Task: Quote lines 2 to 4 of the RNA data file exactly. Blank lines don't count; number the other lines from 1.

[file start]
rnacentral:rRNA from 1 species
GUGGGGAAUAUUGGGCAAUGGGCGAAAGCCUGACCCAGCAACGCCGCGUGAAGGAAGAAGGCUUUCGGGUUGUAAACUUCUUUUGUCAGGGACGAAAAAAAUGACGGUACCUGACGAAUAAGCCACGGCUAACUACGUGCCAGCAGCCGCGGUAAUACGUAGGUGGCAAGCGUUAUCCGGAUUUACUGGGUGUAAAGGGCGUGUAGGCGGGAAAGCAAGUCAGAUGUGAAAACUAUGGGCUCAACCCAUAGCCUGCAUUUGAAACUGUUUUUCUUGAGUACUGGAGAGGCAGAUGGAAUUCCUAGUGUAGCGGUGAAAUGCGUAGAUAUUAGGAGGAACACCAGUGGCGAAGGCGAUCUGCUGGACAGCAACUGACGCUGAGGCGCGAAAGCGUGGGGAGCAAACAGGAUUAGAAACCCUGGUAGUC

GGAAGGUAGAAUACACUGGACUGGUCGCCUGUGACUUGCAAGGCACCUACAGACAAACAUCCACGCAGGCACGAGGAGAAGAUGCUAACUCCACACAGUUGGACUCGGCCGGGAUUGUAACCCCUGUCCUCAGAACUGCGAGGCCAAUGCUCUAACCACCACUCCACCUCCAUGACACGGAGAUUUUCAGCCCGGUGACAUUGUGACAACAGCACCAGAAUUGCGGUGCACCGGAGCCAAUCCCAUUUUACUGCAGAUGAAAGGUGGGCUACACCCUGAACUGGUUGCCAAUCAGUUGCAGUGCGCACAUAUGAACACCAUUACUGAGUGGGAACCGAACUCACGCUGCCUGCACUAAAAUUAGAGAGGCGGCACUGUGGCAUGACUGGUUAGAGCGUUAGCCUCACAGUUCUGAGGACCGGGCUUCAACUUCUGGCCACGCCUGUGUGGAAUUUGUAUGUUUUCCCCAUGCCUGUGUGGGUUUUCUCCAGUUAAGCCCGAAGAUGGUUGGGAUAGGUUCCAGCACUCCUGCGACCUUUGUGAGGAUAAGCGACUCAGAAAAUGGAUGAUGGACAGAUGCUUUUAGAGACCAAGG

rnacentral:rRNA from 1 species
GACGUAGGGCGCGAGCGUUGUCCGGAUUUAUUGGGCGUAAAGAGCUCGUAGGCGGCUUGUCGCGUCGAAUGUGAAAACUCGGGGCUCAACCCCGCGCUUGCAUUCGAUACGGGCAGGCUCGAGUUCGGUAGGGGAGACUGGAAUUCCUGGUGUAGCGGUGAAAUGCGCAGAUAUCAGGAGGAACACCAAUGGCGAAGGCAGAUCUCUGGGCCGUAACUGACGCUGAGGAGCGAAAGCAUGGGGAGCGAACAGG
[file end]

GUGGGGAAUAUUGGGCAAUGGGCGAAAGCCUGACCCAGCAACGCCGCGUGAAGGAAGAAGGCUUUCGGGUUGUAAACUUCUUUUGUCAGGGACGAAAAAAAUGACGGUACCUGACGAAUAAGCCACGGCUAACUACGUGCCAGCAGCCGCGGUAAUACGUAGGUGGCAAGCGUUAUCCGGAUUUACUGGGUGUAAAGGGCGUGUAGGCGGGAAAGCAAGUCAGAUGUGAAAACUAUGGGCUCAACCCAUAGCCUGCAUUUGAAACUGUUUUUCUUGAGUACUGGAGAGGCAGAUGGAAUUCCUAGUGUAGCGGUGAAAUGCGUAGAUAUUAGGAGGAACACCAGUGGCGAAGGCGAUCUGCUGGACAGCAACUGACGCUGAGGCGCGAAAGCGUGGGGAGCAAACAGGAUUAGAAACCCUGGUAGUC

GGAAGGUAGAAUACACUGGACUGGUCGCCUGUGACUUGCAAGGCACCUACAGACAAACAUCCACGCAGGCACGAGGAGAAGAUGCUAACUCCACACAGUUGGACUCGGCCGGGAUUGUAACCCCUGUCCUCAGAACUGCGAGGCCAAUGCUCUAACCACCACUCCACCUCCAUGACACGGAGAUUUUCAGCCCGGUGACAUUGUGACAACAGCACCAGAAUUGCGGUGCACCGGAGCCAAUCCCAUUUUACUGCAGAUGAAAGGUGGGCUACACCCUGAACUGGUUGCCAAUCAGUUGCAGUGCGCACAUAUGAACACCAUUACUGAGUGGGAACCGAACUCACGCUGCCUGCACUAAAAUUAGAGAGGCGGCACUGUGGCAUGACUGGUUAGAGCGUUAGCCUCACAGUUCUGAGGACCGGGCUUCAACUUCUGGCCACGCCUGUGUGGAAUUUGUAUGUUUUCCCCAUGCCUGUGUGGGUUUUCUCCAGUUAAGCCCGAAGAUGGUUGGGAUAGGUUCCAGCACUCCUGCGACCUUUGUGAGGAUAAGCGACUCAGAAAAUGGAUGAUGGACAGAUGCUUUUAGAGACCAAGG

rnacentral:rRNA from 1 species